EXCLUSIVE INTERVIEW: Life coach, Dr Robert Burale, talks to Charmar News about love, relationships, marriage and sex

In this lengthy interview, Dr Burale, who recently was in Kampala for the inspiring Personal & Transformational conference, delves deep into issues of life, love, relationships, marriage and sex.

For a life coach, trust Dr Robert Burale to have seen it all. No wonder his motivational speeches are backed with real-life experiences.

In this lengthy interview, Dr Burale, who recently was in Kampala for the inspiring Personal & Career Transformational Conference, delves deep into issues of life, love, relationships, marriage and sex.

Below are excerpts of the lengthy question-and-answer interview conducted by Charmar News editor Baz Waiswa, in Kampala.

You are internationally renowned for a number of ventures. However, many Ugandans may not know you. Who is Dr Robert Burale?

Well, I am a man who is surviving by the grace of God; who is doing what God has asked me to do. A man who is determined to change lives. 

I have tasted death so I give life. That is my life’s journey. That is my life’s purpose. Every time I speak to people, life must come in otherwise I will be wasting my time.

I believe my life’s purpose is to travel the world over, whenever the Lord sends me, to speak life to people and to take people into their places of purpose. I am a pathfinder for lack of a better word.

I grew up very privileged; loving father & mother. My dad has gone to be with the Lord since. My mother turned 70 a few days ago. I am a father to a 17-year-old. 

I am an author. I do the Men’s Conference in Kenya. And I run the Robert Burale School of Leadership. I’m just that guy who wants to give life wherever I go.

Well, I’m from Kenya. I live in Nairobi, the capital city, but my home is in Busia, which is the border of Kenya and Uganda. I’m 100% Kenyan.

You are the founder of the Naked Truth Movement. What is this movement all about?

The Naked Truth Movement is a movement where we give people platforms to hear things and to speak about things that society has whispered about or ostracized about. 

The Naked Truth was born after my marriage failed. I realized that there was a lot of judgment; people at some point didn’t want to associate with somebody who’s divorced. 

And one time in prayer, I had the Lord telling me, I will give you a platform that you will be able to express things to people who feel they cannot be used or life has passed them by.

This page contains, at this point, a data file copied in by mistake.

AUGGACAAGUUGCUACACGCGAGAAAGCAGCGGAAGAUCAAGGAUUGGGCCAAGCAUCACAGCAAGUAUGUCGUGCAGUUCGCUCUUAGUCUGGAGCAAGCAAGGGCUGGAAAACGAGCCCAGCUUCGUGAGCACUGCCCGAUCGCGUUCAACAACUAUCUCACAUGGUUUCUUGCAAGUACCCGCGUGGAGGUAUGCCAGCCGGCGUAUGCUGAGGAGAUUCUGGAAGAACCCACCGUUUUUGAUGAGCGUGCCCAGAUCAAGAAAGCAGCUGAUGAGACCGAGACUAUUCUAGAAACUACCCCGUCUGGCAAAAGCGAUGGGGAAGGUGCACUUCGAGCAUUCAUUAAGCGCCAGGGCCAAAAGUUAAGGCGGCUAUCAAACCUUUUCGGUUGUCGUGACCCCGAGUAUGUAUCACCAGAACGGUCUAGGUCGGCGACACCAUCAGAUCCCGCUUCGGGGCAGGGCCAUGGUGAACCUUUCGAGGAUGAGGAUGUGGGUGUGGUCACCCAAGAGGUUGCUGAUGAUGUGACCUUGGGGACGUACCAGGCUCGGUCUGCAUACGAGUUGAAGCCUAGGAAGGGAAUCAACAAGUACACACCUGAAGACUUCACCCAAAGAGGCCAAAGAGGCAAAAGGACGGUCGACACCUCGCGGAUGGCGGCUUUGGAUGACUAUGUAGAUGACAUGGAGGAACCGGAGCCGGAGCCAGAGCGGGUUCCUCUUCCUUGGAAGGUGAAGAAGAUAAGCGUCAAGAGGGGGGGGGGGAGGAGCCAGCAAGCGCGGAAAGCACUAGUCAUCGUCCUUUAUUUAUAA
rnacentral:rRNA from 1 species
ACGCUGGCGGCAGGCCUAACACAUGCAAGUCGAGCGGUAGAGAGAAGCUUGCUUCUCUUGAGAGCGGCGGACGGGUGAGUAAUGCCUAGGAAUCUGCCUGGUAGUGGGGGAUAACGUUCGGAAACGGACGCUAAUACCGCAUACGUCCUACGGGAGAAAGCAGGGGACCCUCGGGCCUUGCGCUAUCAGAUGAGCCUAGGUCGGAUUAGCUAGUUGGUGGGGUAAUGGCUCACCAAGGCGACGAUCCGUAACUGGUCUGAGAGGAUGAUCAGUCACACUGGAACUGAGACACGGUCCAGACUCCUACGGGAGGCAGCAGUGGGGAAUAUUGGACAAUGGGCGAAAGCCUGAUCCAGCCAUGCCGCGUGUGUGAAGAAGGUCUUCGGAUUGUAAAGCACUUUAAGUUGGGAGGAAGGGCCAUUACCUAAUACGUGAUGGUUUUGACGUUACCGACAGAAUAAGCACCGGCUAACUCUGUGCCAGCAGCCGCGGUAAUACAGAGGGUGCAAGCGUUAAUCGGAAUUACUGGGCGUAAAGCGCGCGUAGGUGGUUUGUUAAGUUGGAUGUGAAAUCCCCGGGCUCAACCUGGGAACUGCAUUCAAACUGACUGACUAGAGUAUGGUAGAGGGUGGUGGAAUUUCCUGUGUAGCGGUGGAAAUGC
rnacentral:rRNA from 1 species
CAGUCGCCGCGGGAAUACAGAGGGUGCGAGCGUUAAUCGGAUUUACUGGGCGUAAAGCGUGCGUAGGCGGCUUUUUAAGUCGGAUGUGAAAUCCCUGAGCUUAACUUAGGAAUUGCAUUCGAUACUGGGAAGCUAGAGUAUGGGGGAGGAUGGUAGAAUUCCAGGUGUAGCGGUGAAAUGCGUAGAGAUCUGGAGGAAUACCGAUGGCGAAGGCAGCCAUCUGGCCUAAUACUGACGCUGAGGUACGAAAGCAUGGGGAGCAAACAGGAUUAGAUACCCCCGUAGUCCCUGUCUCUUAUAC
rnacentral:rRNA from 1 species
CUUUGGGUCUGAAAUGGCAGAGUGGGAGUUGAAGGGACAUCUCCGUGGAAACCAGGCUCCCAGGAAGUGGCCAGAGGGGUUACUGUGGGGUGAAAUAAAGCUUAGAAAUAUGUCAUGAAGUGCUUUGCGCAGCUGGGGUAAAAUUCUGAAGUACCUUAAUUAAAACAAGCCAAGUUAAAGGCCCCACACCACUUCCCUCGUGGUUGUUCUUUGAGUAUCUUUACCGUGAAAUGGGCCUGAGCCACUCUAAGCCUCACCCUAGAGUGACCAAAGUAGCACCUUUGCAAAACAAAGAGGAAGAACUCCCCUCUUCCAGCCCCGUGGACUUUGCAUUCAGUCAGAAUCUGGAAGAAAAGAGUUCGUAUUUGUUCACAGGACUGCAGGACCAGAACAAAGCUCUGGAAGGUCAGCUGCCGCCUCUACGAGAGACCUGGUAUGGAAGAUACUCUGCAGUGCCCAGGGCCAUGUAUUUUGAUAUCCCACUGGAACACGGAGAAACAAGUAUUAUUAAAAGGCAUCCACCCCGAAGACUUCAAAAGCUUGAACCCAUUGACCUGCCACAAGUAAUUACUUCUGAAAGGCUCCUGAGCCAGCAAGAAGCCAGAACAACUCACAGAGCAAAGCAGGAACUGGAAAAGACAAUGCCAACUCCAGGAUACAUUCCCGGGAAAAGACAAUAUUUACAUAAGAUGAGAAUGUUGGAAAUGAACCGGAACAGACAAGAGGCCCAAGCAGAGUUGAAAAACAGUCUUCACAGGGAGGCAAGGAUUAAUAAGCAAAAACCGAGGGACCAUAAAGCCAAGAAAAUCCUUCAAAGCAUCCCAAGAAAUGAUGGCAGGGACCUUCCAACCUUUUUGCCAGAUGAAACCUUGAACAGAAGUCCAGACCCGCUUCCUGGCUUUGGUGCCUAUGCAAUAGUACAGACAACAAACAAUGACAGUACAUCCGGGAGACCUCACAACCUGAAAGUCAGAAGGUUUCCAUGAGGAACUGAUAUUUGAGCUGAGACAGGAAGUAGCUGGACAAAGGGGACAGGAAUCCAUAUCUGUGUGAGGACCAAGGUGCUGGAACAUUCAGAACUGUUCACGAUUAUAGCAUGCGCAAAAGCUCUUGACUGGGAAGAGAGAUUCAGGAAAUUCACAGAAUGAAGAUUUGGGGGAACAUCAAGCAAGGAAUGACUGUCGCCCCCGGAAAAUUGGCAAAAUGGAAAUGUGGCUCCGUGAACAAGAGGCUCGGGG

People like former drug addicts and alcohol abusers. And they want to get something out of their life. 

Society can be very judgmental. So, the Naked Truth offers that platform to discuss matters of life.

And of course, it has grown into many other things within the training and PR field but it is a platform to discuss relationships and purpose and bringing people into their place of purpose even when they had missed a little bit.

And what can you say has been the journey so far for the Naked Truth Movement?

It has been, absolutely, fantastic. When I first had the first meeting, I remember a day before, there was uncertainty. We were tense, how would it be received? But we are grateful to God that it was very successful. And now, we’ve been able to go to Botswana, Tanzania, Rwanda and other countries. We have gone to Florida and Dallas; we have gone to many states in the US.  

You previously said that love is not enough reason to marry. Isn’t love the all-conquering factor of life?

If anybody marries for love, that is a confused person. Love cannot be the main thing; purpose is the main thing.

Because if you talk to a couple right now, they don’t always feel like they love each other. That loving feeling is not always there. 

And I hear this statement, oh I fell in love. Did you trip? Were you walking then you fell? You don’t stumble into love. You are intentional about love, about loving somebody, and the person you’re loving must be somebody in line with your purpose. 

For example, if you’re called to care for the orphans, even if you are attracted to a woman but she does not like orphans, love will not count because then your purpose is affected. 

A woman will not marry a violent when she wants to start a GBV recovery centre. So it’s not just about love. 

I mean, people can fall in love with murderers because they’re tall and handsome. Whatever, it is purpose that should bring people together, and then you are intentional. 

Once purpose connects the two of you, then you make it your intention to love that person. But this thing of saying I saw you and the hair at the back of my neck started standing; we leave that for Mexican soaps and Big Brother. They are scripted things but not real-life issues. 

When you say purpose, what are you meaning? What do you mean by purpose?

The purpose is the reason you’re born. If I ask you, what is this one thing that you can do for free? What is this one thing that, if I woke you up at 3:00 o’clock in the morning and I told you to do, you would do without asking how much? 

What is that thing that annoys you? Do you get annoyed when you see widows suffering? Do you feel disturbed when you see orphans starving? Do you get annoyed when you see dirty places? Then what annoys you, you’re called to. 

And from purpose, passion comes in because you will do it to the best of your ability. And after passion, profits will come in. 

You give me the microphone at 3:00 o’clock in the morning; ask me to speak life to people, I will speak while I’m even brushing my teeth. 

But if you tell me now, wake up and pay your billion shillings to be an accountant, I will struggle.